YORK – Local officials and community leaders joined members of the Senate and House Urban Affairs and Housing Committees in York today for a joint public hearing examining the challenges facing Pennsylvania’s cities, large and small.
“Several small and mid-sized cities are experiencing severe financial distress due to their tax structure, pension costs, unfunded mandates and other factors that are difficult or even impossible to address at the local level,” said Senate Urban Affairs and Housing Committee Chairman David Argall (R-29). “My goal is to work with municipal officials to determine the best way to address these challenges. We need to give them the tools they need to avoid financial catastrophes and promote a better quality of life for their residents.”
During her testimony before the panel, York Mayor Kim Bracey urged lawmakers to consider meaningful statewide property tax reform, adding that anything other than a complete overhaul of the system would be “like rearranging deck chairs on the Titanic.”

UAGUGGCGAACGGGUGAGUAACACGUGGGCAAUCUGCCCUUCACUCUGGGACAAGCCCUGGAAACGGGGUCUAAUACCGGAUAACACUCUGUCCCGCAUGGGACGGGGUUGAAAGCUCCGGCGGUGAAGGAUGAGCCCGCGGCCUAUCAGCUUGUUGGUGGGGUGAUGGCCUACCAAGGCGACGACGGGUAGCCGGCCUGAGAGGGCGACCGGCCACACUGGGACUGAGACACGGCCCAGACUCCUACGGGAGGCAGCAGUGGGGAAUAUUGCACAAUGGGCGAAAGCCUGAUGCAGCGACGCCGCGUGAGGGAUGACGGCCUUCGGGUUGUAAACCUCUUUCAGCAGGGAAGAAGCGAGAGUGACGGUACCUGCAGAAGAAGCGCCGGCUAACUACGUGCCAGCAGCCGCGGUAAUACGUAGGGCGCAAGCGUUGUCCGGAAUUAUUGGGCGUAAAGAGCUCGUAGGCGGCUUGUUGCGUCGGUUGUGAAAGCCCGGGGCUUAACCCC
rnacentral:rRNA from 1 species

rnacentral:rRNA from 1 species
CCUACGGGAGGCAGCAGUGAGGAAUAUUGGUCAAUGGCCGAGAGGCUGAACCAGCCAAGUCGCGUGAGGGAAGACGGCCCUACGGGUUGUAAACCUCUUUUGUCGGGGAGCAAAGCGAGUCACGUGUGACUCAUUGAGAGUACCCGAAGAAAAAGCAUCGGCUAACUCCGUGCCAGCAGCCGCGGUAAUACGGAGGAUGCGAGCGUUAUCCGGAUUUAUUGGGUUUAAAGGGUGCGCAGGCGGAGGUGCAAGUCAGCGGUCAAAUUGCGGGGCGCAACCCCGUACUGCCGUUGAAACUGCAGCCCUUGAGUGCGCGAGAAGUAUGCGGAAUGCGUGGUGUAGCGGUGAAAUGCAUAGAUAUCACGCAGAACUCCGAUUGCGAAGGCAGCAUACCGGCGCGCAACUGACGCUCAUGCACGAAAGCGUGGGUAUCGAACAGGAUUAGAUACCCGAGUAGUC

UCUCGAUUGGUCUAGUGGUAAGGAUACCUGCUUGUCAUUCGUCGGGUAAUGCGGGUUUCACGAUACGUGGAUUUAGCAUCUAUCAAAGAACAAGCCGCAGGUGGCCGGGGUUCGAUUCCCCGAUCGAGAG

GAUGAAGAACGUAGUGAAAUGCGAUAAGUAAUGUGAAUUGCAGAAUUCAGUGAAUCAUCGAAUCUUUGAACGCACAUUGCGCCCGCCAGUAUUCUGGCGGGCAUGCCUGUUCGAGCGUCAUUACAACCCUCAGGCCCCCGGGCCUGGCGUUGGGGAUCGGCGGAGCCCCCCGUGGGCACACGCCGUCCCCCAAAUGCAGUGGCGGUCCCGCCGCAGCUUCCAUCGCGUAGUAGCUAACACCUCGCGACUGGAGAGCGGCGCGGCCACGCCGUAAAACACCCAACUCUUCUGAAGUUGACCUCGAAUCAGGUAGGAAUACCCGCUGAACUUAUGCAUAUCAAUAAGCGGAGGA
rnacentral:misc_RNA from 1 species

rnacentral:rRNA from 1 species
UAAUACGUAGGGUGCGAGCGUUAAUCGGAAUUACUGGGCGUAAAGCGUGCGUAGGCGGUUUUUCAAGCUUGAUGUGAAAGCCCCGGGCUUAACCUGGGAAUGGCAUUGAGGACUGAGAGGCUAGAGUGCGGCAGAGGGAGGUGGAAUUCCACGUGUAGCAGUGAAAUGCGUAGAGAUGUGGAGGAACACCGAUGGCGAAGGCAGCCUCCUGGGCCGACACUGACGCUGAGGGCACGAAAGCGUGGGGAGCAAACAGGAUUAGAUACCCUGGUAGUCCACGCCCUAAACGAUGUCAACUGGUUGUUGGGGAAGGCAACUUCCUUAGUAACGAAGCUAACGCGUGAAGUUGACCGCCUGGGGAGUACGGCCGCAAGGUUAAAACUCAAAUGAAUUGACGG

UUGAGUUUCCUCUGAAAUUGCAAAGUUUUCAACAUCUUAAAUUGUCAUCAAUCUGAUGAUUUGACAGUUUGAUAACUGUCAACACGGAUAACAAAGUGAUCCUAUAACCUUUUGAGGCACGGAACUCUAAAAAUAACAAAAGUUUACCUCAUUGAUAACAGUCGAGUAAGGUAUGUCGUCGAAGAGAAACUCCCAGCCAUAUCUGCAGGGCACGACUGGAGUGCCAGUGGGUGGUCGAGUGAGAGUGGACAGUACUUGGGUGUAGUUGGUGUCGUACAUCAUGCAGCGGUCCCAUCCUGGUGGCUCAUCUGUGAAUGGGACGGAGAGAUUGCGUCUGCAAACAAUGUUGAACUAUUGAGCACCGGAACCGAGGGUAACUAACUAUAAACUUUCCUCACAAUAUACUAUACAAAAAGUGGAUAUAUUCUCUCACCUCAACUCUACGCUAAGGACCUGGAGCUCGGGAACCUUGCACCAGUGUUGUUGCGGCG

“Regressive, antiquated, unpredictable, and onerous, school property taxes are the greatest inhibitor to economic and community development in our City of York and many core communities,” Bracey said. “Unchecked spikes in property taxes threaten our city’s momentum and progress.”
Several other testifiers, including representatives from the York County Economic Alliance, cited serious problems with the current property tax structure and urged lawmakers to take action. Senator Argall has already introduced Senate Bill 76, legislation that would completely eliminate the school property tax.
In addition to meaningful property tax reform or elimination, Bracey and other testifiers stressed the need for comprehensive municipal pension reform, improvements to Act 111 arbitrations procedures and new revenue tools to deal with financial pressures that are squeezing city budgets.
The hearing also included testimony from representatives of York College of Pennsylvania, the York County District Attorney’s Office, York Area United Fire & Rescue, York Area Regional Police Department, the Welcoming Center for New Pennsylvanians and the York County Community Foundation.